The Narrow Escapes of World War Two series on the Yesterday tv channel this week featured the worst maritime disaster in history. On the night of 30 January 1945, the German cruise liner, the Wilhelm Gustloff was carrying more than 10,000 refugees, soldiers and sailors, packed like sardines, trying to escape the advancing Red Army.
The vessel was heading along the Baltic coast from Gdynia in what was still occupied Poland towards Kiel when it was hit by three torpedoes from the Russian submarine, S-13, about 20 miles off shore.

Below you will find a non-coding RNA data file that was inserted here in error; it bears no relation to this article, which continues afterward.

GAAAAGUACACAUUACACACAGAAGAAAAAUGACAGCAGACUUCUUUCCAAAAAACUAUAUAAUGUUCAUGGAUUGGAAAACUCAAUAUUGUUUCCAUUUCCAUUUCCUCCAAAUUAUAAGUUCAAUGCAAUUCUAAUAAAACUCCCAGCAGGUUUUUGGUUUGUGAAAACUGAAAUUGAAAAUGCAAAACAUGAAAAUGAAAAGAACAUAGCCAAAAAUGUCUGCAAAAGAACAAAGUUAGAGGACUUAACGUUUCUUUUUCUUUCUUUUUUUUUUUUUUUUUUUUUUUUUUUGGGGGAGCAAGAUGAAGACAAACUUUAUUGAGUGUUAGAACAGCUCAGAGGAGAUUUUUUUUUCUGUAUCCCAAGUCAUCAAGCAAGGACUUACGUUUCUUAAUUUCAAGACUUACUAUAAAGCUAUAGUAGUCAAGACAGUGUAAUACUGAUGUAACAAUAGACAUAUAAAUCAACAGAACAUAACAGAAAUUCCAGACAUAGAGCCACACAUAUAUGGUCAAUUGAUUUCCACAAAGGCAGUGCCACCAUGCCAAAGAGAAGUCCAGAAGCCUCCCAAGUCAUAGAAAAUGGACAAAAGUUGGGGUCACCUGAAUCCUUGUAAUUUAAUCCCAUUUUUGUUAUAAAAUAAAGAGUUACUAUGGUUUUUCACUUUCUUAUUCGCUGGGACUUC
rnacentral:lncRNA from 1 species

The captain had reluctantly put on the ship’s navigation lights in order to avoid a collision with German naval vessels in the area, and this had made it a highly visible target for the submarine. In the resulting nightmare with icy Baltic water pouring into the ship, some passengers simply decided to end it all, and shot themselves.
A few people managed to get into lifeboats, and about 400 were picked up by a German destroyer, but altogether it is thought that no more than 1,000 people survived. For the full story, see A Disastrous History of the World.